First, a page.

Thursday, 7 February 2013

History and Culture - Harris's Hawk

Harris's Hawk
Harris's Hawk is a medium-large brown bird of prey weighing about 2lbs and found in south-west United States and Central America.

John James Audubon gave this bird its English name in honour of his ornithological companion, financial supporter, and friend Edward Harris.

The bird is notable for its behaviour of hunting cooperatively in "packs", consisting of family groups while most other raptors hunt in solitary. They search the brush for birds and mammals.

If the unattended young are threatened whilst in the nest, they have a very unusual strategy to use as a deterrent. The young birds cooperate to form a pole-like structure with their bodies, with the youngest and smallest at the top. Some say that this formation is where the North American Indians got their inspiration for the totem pole!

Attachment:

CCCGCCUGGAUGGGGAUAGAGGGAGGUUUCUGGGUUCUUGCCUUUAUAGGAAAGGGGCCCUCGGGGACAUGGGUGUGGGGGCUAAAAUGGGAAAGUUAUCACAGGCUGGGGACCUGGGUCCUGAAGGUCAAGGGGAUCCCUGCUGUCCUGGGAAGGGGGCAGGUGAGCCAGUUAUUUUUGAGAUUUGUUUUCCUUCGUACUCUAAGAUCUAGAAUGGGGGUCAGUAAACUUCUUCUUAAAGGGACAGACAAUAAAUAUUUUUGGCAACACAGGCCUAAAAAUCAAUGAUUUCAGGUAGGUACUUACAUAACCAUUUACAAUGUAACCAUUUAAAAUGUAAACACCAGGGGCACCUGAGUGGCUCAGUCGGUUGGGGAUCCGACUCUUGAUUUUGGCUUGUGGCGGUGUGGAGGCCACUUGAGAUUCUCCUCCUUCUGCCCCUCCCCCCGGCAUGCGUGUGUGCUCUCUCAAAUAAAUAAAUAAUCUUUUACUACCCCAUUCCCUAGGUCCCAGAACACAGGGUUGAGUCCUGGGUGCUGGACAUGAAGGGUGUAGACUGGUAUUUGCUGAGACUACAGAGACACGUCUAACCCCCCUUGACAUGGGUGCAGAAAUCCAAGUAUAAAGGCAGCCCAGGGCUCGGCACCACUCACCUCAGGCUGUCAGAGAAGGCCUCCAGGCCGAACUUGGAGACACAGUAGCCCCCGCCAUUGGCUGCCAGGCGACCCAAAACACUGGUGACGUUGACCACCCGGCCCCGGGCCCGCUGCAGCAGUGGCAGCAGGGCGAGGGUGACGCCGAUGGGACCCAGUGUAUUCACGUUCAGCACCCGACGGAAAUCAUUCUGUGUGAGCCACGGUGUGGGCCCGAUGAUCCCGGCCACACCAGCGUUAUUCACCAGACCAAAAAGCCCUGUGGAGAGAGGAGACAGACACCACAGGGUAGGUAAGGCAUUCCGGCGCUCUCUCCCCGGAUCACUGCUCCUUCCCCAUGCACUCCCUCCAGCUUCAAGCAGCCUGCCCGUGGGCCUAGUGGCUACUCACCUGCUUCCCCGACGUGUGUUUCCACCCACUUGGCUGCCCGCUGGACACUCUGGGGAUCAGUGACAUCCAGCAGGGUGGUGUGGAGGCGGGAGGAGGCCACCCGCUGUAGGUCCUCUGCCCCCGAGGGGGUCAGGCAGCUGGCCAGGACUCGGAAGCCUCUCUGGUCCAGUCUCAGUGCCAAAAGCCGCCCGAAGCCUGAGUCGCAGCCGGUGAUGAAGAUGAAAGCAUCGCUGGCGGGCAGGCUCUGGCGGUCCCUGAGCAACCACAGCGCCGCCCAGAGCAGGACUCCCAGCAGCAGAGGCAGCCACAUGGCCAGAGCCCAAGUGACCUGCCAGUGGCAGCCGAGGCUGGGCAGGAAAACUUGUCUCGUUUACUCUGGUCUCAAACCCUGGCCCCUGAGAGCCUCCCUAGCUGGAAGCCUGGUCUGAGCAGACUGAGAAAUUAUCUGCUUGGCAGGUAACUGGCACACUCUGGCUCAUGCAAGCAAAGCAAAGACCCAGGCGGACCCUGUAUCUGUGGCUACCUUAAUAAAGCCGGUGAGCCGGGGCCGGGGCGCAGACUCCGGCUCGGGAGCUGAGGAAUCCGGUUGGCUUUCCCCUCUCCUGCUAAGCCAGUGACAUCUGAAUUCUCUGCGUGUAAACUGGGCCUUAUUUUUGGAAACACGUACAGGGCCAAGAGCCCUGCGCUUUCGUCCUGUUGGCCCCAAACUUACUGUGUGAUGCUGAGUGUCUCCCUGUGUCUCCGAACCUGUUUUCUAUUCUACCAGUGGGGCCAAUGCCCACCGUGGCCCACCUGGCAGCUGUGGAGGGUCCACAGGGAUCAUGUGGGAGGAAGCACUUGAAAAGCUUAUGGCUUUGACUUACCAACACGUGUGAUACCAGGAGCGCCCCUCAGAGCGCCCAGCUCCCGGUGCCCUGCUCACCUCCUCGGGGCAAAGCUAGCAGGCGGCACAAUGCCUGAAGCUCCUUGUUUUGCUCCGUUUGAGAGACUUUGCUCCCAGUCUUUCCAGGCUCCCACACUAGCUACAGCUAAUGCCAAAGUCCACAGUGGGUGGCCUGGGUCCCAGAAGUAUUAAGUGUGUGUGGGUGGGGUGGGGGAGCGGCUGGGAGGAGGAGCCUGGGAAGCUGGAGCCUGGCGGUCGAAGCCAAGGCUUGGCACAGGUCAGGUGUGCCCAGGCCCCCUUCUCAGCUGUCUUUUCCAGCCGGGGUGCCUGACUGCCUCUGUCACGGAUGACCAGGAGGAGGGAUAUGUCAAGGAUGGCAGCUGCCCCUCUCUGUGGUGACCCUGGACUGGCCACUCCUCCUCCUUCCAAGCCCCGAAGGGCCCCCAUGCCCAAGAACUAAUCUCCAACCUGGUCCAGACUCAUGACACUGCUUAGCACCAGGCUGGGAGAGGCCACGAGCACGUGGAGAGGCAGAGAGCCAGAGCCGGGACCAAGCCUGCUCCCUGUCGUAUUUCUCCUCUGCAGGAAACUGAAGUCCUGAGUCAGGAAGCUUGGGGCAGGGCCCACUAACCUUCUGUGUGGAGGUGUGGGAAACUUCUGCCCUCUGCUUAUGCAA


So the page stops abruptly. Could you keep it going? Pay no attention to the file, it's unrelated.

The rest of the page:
Escaped falconry Harris's Hawks are frequently seen in Britain and one recently was proving to be a visitor attraction at our local Heaton Park in Manchester.

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